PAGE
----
# Existence of divisor of multiple of primes congruent to 1 mod 4

Show that for every prime $$p\equiv 1\pmod 4$$, there exists positive integers, $$n,m$$ such that

$$n(4m-p)-1\mid mp$$

Or equivalent, if we let $$m= \frac{p+4k+3}{4}$$,

$$n(4k+3)-1\mid p\left(\frac{p+4k+3}{4}\right)$$

Often we can find solutions to

$$n(4k+3)-1= p$$

but this isn’t always true. For example, there are no such solutions for $$p=73$$. Instead we can pick $$n=3$$, $$k=1$$, to get $$20\mid 73\cdot 20$$

Update: on further investigation this is simply a potential special case solution of the Erdos-Strauss conjecture since $$l(m(4n-p)-1)=mp$$ can be arranged to $$\frac{4}{p} = \frac{1}{mnp}+\frac{1}{n}+\frac{1}{ln}$$.

We solve the problem in the following way:

Proposition. Let $$p\equiv 1\pmod 4$$, then there exists positive integers $$m,n$$ such that $$n(4m-p)-1 \mid m$$

Hence $$n(4m-p)-1$$ will also divide $$mp$$. This does not depend on $$p$$ being prime.

Proof. If $$p=3$$, we let $$(m,n)=(1,2)$$ so that $$n(4m-p)-1 = 2(4-3)-1 = 1$$

Otherwise, we may assume $$p\equiv 1,2\pmod 3$$. Since $$p\equiv 1\pmod 4$$, this means $$p\equiv 1,5 \pmod{12}$$.

# Case 1: $$p\equiv 1 \pmod {12}$$

We split this into two cases instead: $$p\equiv 1,13\pmod{24}$$. First let $$p=1+24r$$. We set $$(m,n)=(6r,1)$$, so that $$n(4m-p)-1 = (24r-(1+24r))-1 = -2$$ which divides $$m=6r$$.

For the second case of $$p=13+24r$$, we set $$(m,n)=(6r+4,1)$$, giving $$n(4m-p)-1 = (24r+16-(13+24r))-1 = 2$$ which also divides $$m=2(3r+2)$$.

# Case 2: $$p \equiv 5 \pmod {12}$$.

Similarly we split this into two cases, $$p\equiv 5,17 \pmod{24}$$. For $$p=5+24r$$, we set $$(m,n) = (6r+2,1)$$. This gives $$n(4m-p)-1 = (24r+8-(5+24r))-1 = 2$$ which divides $$m=2(3r+1)$$.

For the other case of $$p=17+24r$$, we use $$(m,n) = (6r+4,1)$$ to get $$n(4m-p)-1 = (24r+16-(17+24r))-1=-2,$$ which also divides $$m=2(3r+2)$$.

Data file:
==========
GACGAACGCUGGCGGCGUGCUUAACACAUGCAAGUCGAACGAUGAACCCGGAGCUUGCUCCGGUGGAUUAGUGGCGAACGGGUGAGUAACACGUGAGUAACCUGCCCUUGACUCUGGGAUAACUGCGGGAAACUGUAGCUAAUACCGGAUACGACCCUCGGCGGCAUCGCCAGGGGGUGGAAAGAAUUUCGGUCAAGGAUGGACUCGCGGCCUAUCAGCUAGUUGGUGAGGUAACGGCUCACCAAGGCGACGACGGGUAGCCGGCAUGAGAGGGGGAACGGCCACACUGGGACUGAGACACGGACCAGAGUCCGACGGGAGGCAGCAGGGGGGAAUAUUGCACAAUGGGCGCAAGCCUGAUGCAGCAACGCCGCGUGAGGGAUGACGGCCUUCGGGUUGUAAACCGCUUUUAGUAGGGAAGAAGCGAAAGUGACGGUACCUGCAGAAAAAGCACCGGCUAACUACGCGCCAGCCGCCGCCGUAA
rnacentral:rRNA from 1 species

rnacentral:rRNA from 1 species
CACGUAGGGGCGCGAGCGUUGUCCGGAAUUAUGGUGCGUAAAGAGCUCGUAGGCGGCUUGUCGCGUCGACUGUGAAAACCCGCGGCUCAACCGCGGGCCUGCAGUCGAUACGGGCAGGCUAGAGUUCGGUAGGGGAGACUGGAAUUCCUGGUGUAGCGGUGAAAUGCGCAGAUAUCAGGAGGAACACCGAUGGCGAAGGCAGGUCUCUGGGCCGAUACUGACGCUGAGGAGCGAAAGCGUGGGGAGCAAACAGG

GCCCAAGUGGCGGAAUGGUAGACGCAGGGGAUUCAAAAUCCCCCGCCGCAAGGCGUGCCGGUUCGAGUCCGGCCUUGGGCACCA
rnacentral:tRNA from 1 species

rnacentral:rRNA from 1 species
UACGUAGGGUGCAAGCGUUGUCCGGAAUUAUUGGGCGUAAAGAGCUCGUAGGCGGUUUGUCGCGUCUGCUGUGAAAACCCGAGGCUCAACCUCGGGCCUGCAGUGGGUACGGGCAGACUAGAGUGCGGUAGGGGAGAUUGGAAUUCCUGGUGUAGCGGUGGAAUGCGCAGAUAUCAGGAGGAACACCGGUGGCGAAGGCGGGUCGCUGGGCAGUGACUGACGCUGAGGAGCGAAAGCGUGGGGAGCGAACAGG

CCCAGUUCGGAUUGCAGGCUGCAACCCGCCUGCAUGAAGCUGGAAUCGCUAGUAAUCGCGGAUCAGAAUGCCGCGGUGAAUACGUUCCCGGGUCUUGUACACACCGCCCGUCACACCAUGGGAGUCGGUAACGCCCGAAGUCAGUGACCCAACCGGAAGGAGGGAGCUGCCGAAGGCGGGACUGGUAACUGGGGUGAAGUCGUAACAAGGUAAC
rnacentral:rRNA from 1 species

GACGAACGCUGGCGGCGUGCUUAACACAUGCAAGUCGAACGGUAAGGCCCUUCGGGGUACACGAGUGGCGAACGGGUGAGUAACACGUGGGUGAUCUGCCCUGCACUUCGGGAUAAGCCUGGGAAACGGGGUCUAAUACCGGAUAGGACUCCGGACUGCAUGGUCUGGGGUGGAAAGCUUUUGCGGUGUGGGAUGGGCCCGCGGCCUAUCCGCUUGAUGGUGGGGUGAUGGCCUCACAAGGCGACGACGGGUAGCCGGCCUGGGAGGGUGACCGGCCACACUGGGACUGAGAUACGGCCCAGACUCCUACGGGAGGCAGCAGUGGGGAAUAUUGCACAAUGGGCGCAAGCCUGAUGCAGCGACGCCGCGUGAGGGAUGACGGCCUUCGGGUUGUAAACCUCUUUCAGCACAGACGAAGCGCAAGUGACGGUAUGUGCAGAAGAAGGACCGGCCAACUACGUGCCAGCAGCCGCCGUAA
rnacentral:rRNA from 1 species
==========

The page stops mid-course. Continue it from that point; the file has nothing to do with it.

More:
$$\tag*{\square}$$

# Extras.

It seems trickier to require $$n(4m-p)-1=dp$$ for some positive integer $$d$$ instead. In particular, it is related to another unanswered problem. (The relationship being this is a sub-problem of that, which has a more general $$p$$ instead of prime.)

For the case of $$p\equiv 5 \pmod 8$$, there is a straightforward answer.

# Case 1: $$p\equiv 5 \pmod 8$$

The approach is to set $$n(4m-p)-1=p$$.
Let $$p\equiv 5 \pmod 8$$ and write $$p=5+8r$$. Choose $$n=2$$ and set $$m=\frac{1}{4}\left(\frac{p+1}{n}+p \right)$$ Then $$\frac{p+1}{n} = \frac{6+8r}{2} = 3+4r\equiv 3 \pmod 4$$ Since $$p\equiv 1 \pmod 4$$, $$m$$ is an integer.

Now we observe that $$n(4m-p)-1 = n\left(\frac{p+1}{n}+p - p\right)-1= (p+1)-1=p$$ Therefore $$n(4m-p)-1 = p \mid mp$$

# Case 2: $$p\equiv 1 \pmod 8$$

The previous method cannot still work because $$m$$ is not integral for $$p\equiv 1 \pmod 8$$.

# Connection to another problem

The other problem is as follows:

Let $$5< p=a^2+b^2$$ be odd and squarefree. Show that there exists positive integers $$1\leq m$$ and $$7 \leq k\equiv 3\pmod 4$$ such that $$X^2-mkX+m\frac{(kp+1)}{4} = 0$$ has integer roots.

Suppose we can always find a solution of the form $$n(4m-p)-1 = dp \mid mp$$ for some positive integers $$(m,n,d)$$. Then $$d$$ divides $$m$$, so we may replace $$m$$ with $$dm$$. i.e. solving $$n(4dm-p)-1 = dp \mid (dm)p$$ Let $$n=k-d$$ and $$w=k-2d$$, then this becomes \begin{align*} n(4md-p)-1 &= dp\\ (k-d)(4md-p) &= dp+1\\ 4md(k-d) &= kp+1\\ m(2d)(2k-2d) &= kp+1\\ m(k-w)(k+w) &= kp+1\\ mk^2-kp-1 &= mw^2\\ m^2k^2-mkp-m &= (mw)^2 \end{align*} Now since $$m^2k^2-mkp-m$$ is the discriminant $$D$$ of the equation $$X^2-mkX+m\frac{kq+1}{4}=0$$ This shows that the equation has solutions $$\frac{mk\pm \sqrt{D}}{2} = \frac{mk \pm mw}{2}$$ which must be integral (either $$m$$ even or $$k$$ and $$w$$ can be shown to be odd).

We also require $$k\equiv 3\pmod 4$$, which can be shown as follows: \begin{align*} n(4m-p)-1 &= dp\\ (k-d)(4m-p)-1 &= dp\\ (k-d)(-1)-1 &\equiv d \pmod 4\\ d-k-1 &\equiv d \pmod 4\\ k &\equiv 3 \pmod 4 \end{align*} Since $$k=n+d$$ it is always positive, but there is a small problem that it might be equal to $$3$$.